Utility costs force world famous Győr ballet to rehearse at Audi factory
January 11. 2023. – 01:15 PM
The Győr National Theatre, home to the Győr Ballet, closed for two months beginning in January. This means that the studio of the world-famous dance company, adjacent to the building of the theater is no longer heated, and dancers cannot rehearse in the cold. A solution was needed, and what they found was unprecedented: the artists were given a four-week residency at the Audi factory in Győr.
It was announced in the last weeks of autumn that several cultural institutions in Győr will have to close due to the increased costs of utilities, with the theater closing from January. Although those affected prefer not to use the word "closed", arguing that ticket sales on the ground floor of the building will stay open, the fact remains that the running plays and the troupes have moved out of the building.
The actors are currently performing on the puppet theater's stage; and the ballet played most of the performances scheduled for its season at a frantic pace in November and December. László Velekei, the current director of the Győr Ballet, told Telex that only five performances remain, which will be carried over to the spring, with forty-eight performances – of eight different productions – already done. Their last performance in Győr was on 15 December.
It was also confirmed earlier that the Győr Ballet will not shut down completely for these two months, but will play in external venues, i.e. in other theaters. Obviously, these are places that are able to operate even with the increased utility costs. The Veszprém Theatre and Müpa Budapest have already signed contracts with them.
But this does not solve the question of rehearsals, which is essential for dance artists. If no solution had been found, the theater's stage would have been the only remaining option, but the announcement made by the theater's management a few weeks ago (when it was still open) says a lot about the conditions there: “given that it is really cold in the auditorium of the main stage, until January, the audience may ignore protocol and watch the shows in coats.”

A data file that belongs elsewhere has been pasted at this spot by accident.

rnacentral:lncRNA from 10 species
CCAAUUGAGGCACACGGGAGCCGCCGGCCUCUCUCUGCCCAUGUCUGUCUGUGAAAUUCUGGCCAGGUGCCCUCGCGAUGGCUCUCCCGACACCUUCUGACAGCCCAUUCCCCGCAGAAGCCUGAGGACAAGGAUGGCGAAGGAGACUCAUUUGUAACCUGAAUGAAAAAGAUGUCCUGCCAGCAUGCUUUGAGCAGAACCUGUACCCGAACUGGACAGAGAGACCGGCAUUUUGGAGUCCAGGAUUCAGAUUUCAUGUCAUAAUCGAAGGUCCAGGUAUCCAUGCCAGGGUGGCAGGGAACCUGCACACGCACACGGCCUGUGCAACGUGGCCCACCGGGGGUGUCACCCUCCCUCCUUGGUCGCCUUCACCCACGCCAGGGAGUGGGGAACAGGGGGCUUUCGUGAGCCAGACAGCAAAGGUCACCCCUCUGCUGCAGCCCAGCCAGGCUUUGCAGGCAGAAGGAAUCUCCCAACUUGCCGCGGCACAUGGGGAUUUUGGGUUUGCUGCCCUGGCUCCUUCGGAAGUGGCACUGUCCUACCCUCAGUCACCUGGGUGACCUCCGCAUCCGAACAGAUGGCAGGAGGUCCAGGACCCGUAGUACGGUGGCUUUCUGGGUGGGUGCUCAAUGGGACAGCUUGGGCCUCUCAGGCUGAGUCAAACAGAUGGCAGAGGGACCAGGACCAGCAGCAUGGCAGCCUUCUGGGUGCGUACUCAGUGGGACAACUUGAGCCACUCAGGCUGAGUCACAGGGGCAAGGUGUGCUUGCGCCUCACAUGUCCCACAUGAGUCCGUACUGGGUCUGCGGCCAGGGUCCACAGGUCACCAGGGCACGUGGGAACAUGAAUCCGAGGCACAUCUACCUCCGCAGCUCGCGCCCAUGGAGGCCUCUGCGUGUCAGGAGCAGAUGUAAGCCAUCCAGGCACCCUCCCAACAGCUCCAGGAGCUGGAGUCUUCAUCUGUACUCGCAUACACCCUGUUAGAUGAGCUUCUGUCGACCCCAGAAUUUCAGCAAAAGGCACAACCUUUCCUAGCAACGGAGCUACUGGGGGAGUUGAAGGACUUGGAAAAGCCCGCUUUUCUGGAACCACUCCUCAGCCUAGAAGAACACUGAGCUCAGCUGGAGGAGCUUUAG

Audi has been the main sponsor of the Győr Ballet for 25 years now. This explains why the troupe turned to them for help. This time it was not about sponsorship, they needed a temporary home.
And they received it: they can spend two weeks at the engine factory and the car factory respectively, each of which has a suitable – and warm enough – venue for them. The special flooring and the rehearsal stands were provided by the ballet company, and the factory provided the space itself.
That's why János Kiss, the founder of the Győr Ballet and its director for several decades now says he is going “to the factory for rehearsal”.
Telex learned from the company's communications department that it is 18 degrees in the production departments and 20 degrees in the offices. This is in line with the protocol used at all locations of the VW Group. The factory in Győr is in a fortunate position, although it has itself to thank for this: years ago they started to build a system of wells and transport systems for extracting geothermal heat, so that its production halls, which now number more than 80, can be heated with thermal heat.
The ballet company also rehearses in a 20-degree room, and rehearsals are open to the public so factory workers may take a look. In exchange for the free "rent", the dancers provide a small production for the staff on Fridays.
This means that any of the 12,000 or so Audi workers can, if their shift schedule allows and they are on the factory premises, see a ballet performance.
The ballet company will be at the factory for the next two weeks, and the dancers were given a pass and can come and go just like the workers. From here, they will go to Veszprém and Budapest to perform, and when they return, they will be practicing at the car factory. In a similar arrangement, they will then be hosted by the Herendi Porcelain Manufacture, and will thus be able to make it through the two-month closure period.
"The Győr Ballet has never been in a similar situation before," László Velekei said. "And we have never seen an example of an art ensemble finding a home in an industrial environment, neither in Hungary, nor in Europe, and perhaps nowhere in the world either," Kinga Németh, Director of Human Resources at Audi Hungaria added.
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